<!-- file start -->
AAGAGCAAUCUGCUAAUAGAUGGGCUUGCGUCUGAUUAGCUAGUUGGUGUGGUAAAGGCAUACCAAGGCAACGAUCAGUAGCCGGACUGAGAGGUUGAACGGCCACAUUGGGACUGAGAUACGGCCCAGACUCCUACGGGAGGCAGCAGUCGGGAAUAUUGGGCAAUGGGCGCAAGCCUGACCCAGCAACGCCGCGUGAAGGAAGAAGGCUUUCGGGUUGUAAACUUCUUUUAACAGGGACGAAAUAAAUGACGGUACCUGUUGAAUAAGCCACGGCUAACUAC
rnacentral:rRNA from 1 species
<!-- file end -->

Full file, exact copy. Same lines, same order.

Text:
AAGAGCAAUCUGCUAAUAGAUGGGCUUGCGUCUGAUUAGCUAGUUGGUGUGGUAAAGGCAUACCAAGGCAACGAUCAGUAGCCGGACUGAGAGGUUGAACGGCCACAUUGGGACUGAGAUACGGCCCAGACUCCUACGGGAGGCAGCAGUCGGGAAUAUUGGGCAAUGGGCGCAAGCCUGACCCAGCAACGCCGCGUGAAGGAAGAAGGCUUUCGGGUUGUAAACUUCUUUUAACAGGGACGAAAUAAAUGACGGUACCUGUUGAAUAAGCCACGGCUAACUAC
rnacentral:rRNA from 1 species